Music and Lyrics: Ricky Allan
Book: Ricky Allan and Kieran Lynn
Director: Hannah Chissick
Telling the story of the 1605 Gunpowder Plot, Treason the Musical reframes a crisis of succession from the plotters’ perspective.
A concert filmed at Cadogan Hall, in anticipation of the musical’s theatrical debut later this year, showcases the songs and key moments of this new work from composer and lyricist, Ricky Allan. Treason works it way up to the Plot, introducing us to the conspirators: Robert Catesby, Thomas Percy, Tom Winter and John Wright.
The musical starts in 1603, and Elizabeth I is facing her final days. Unmarried and childless, she is under pressure to name an heir. Living under Elizabeth has been traumatic for England’s Catholic population. There is talk of Scotland’s King James taking over the throne. There are rumours that James will be generous in allowing Catholics to worship freely. Needing assurance from James, Thomas Percy is nominated as the man to meet with him.
Percy finds favour with the potential King, and James (a fabulous Daniel Boys) makes a promise. If he is made King of England, Catholics will no longer be persecuted. Of course, once James I ascends to the throne, all promises are forgotten.
The group of men – disillusioned with King and State – plot revenge. Coming up with a plan to blow up the Houses of Parliament, the song Take Things into our Own Hands imagines the possibility of dismantling the ultimate patriarchy.
While the staging at Cadogan Hall is stripped back to basics, the interactions between the performers – even when limited by social distancing – give an indication of how the musical will look on the stage when Treason goes into full production. Singing Blind Faith, Lucie Jones and Bradley Jaden depict a marriage pulled apart by conflicting loyalties. As Thomas Percy, Jaden draws us into his religiously fervent existence, while Martha Percy (Jones) desperately tries to make herself visible to a man so immersed in political intrigue, he can see little else.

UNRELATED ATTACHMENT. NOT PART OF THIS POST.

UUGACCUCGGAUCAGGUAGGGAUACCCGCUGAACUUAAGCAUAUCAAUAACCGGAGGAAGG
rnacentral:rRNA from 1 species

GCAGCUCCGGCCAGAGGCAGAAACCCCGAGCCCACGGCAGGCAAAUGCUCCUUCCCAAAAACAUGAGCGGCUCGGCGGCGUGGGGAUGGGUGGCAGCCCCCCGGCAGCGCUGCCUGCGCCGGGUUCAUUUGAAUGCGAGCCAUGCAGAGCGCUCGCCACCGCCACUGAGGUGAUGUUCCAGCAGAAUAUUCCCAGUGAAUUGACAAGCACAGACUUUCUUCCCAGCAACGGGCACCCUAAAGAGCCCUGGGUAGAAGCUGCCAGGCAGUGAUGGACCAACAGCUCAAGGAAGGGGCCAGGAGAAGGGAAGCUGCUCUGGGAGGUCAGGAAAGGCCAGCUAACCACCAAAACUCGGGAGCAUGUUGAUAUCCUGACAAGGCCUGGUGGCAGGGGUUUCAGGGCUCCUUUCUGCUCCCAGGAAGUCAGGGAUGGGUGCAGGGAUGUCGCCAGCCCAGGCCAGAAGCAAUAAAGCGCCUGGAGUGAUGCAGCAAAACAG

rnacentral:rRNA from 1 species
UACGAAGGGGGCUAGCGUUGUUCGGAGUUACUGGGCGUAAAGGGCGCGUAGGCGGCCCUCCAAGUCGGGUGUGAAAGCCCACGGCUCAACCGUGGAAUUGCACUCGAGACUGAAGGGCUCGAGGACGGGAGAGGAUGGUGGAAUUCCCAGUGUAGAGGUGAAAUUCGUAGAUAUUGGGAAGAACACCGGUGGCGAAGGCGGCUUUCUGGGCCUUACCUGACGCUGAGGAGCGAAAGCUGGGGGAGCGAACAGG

While we get historical background – and plenty of it – from the Narrator (an excellent Debris Stevenson), it is the decision to dig into the psychological past of these men, that is really at the heart of this musical. Playing Robert Catesby, Oliver Tompsett reveals how the death of his wife has changed him. Far from being afraid of the consequences of being caught and punished, Catesby longs to join his wife again. The Cold, Hard Ground not only shows off Tompsett’s range, but gives us an insight into why these men were willing to risk so much. With a script so densely packed with facts and dates, the emotional resonance of the characters is important, and Treason promises a musical that does not neglect this aspect of the story-telling process.
A concert can only give us so much of an idea of what to expect from this new musical, but what is immediately clear is that the music of Treason is the star. Ricky Allan’s score is packed with bass notes and thundering percussion, evoking the danger and instability of the era. The songs – incorporating elements of folk music – are extremely effective in creating and sustaining atmosphere. There is a confidence in the music that carries through the entire concert. This feels very much like a musical with its components all in place.
When we emerge from the Covid-19 crisis, it will be difficult to say what the appetite for new work will be among audiences. Will they prefer the comfort of old favourites, or be clamouring for something new? Treason – with its political storyline and clutch of great songs – can potentially offer the best of both. A musical about the struggle for a fairer society may end up speaking the most to an audience who has experienced its share of uncertainty. Treason may be on hold, but its potential – to be the musical in the right place at the right time – is huge.
Available here until 14 March 2021